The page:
Once the self-test is developed, go learn. Unike the vague and rudderless learning that students often do, however, guided by no objective more specific than “Get ready for a forthcoming but unknown exam”, one has very specific questions/challenges that one is seeking answers/solutions to, some thing I have called “question-driven instruction” elswehere. I firmly maintain that in real life, most of us learn something (like how to program in R) with a very specific objective in mind (like analyzing a particular data set), and that having a clear goal helps us learn more effectively and efficiently by providing direction and by giving us a way to structure and organize what we learn by its utility rather than by the chronology of a textbook or course.

The feature is implemented when all the tests in the test code are passed. Similarly, the student is done learning (that bit) when she can successfully complete the test tasks she originally laid out. Imagine the self-confidence that could arise from that!

Of course, it’s common in test-driven programming to discover bugs or incompletenesses in the program that one hadn’t anticipated and built into the tests, often when the program is tried in a new context. Similarly, a learner will no doubt discover weaknesses in her understanding, revealed by contexts and questions she had not originally contemplated. No worries: The appropriate thing to do is to immediately develop new tests that capture this weakness, such that the tests are currently failed but will be passed when the weakness has been satisfactorily remedied. This is an expected part of developing a program organically through test-driven development, not a failure of the system.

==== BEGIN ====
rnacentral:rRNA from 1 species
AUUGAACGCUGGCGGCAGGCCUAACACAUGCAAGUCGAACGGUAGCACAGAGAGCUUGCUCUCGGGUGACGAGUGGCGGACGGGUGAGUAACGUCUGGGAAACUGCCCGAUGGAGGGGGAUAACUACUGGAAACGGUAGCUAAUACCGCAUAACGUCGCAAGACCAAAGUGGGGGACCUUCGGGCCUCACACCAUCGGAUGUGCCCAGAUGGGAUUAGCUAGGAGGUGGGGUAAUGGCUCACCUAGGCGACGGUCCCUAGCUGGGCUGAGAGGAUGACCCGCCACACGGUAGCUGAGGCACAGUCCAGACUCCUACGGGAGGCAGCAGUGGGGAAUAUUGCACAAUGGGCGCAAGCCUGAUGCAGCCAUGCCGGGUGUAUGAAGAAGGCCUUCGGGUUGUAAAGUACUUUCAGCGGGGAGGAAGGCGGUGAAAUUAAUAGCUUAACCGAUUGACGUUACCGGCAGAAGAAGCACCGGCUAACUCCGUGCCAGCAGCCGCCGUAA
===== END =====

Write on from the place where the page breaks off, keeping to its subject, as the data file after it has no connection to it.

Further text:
If you’re trying to envision this process playing out in a physics course, please keep in mind that that this is an iterative process, feature by feature, and that each iteration attacks a fairly small chunk of the overall problem. If you’re imagining asking students to “design self-tests that will let you know when you understand Newton’s laws”, you’re thinking of chunks that are way too large. A better example might (possibly) be “design self-tests that will let you know when you can predict an object’s position at any future time, given the object’s initial position, velocity, and (constant) acceleration.”